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Gossiping at the Office? Rumor
Has it That It's ...
Teena Rose operates a
professional resume writing service, Resume to Referral. She’s authored
several books, including "20-Minute
Cover Letter Fixer"
to Design, Write, and Compile a Quality Brag Book"
the Code to Pharmaceutical Sales."
If you’ve ever tuned into the hit show,
“The Office,” whether it’s the BBC version that’s written and directed by Ricky
Gervais or the NBC knock off with Steve Carell, you know that gossip in the
workplace is as common as coffee breaks and the pointless meeting. The unique
comedy is a tongue-in-cheek, documentary-style series that points out the humor
and banality of the 9-to-5 existent in the working world of white-collar
For the sake of comedy, the show takes jabs
at the office environment with inappropriate remarks and petty behaviors, which
include rumor mongering and backstabbing. Office gossip is something you
certainly wouldn’t want to be a part of if you’re the target of the insufferable
office manager David Brent, played by Gervais. But in the real world, is office
gossip really that insufferable? Like many human behaviors, there are two sides
to the coin.
We are a world of gossipers. There’s little
doubt about that. A recent study in Great Britain found that one in five people
in the United Kingdom use instant messaging at work to spread office gossip. In
most cases, the word is thought of in a negative manner, as in Walter Winchell’s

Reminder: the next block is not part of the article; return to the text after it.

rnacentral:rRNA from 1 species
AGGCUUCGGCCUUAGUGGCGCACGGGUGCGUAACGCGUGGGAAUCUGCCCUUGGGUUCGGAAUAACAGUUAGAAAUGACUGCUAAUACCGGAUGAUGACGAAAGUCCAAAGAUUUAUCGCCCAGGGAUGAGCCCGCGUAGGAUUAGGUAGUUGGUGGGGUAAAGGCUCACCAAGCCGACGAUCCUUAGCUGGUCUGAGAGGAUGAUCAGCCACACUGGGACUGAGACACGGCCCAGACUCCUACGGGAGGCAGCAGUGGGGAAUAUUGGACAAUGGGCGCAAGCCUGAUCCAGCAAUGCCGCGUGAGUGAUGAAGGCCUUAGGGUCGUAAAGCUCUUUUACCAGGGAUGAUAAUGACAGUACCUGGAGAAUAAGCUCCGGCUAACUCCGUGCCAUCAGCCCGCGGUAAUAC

famous quote that “Gossip is the art of saying nothing in a way that leaves
practically nothing unsaid.” In their book, Gossip: Ten Pathways to Eliminate It
from Your Life and Transform Your Soul,” authors Laurie Palatnik and and Bob
Burg refer to gossip as a “fired bullet – once you hear the sound, you can’t
take it back.” The authors recognize that gossip has been around since
human came into existence, and continues to be “a popular but destructive
But is gossiping always bad? Many agree that spreading rumors about the
personal affairs of others is out of line, but gossip is also a vehicle that can
help pass along vital corporate and workplace information. Since companies and
supervisors tend to keep delicate matters under wraps, hearing important news
from the office grapevine is sometimes the only forum employees have.
Conversely, using that same grapevine can work in your favor. It can be used to
relay success on a project, or, when the direct approach isn’t the best
approach, get the word out to a fellow employee that you’re not happy with his
or her conduct.
Women traditionally are associated with
gossiping more than men, but the fact is that both sexes are involved in the
behavior. It’s just that men and women tend to gossip about different things.
But when it comes to office-related issues, both men and women have a stake in
the rumor mill when the news directly affects the employers or company.
There are, of course, Do’s and Don’ts when
it comes to taking part in office gossip. The first is to give and take it in
small doses. Nobody wants to spend much time with or invest too much in the lead
Keep the gossip on a professional level and
work-related, like if you’ve heard of pending layoffs or a hiring freeze. Don’t
result to petty attacks on co-workers. Always consider the source of the gossip
and the motivation behind them. If the person you hear them from has zero
credibility or is passing along harmful personal information about someone else,
take the high road and don’t pass along the gossip.
Finally, if you’re
caught gossiping about something and are called on the carpet by a friend,
co-worker or boss, own up to it. If you’re willing to risk spreading gossip then
you should be able to stand up to the heat and explain your intentions.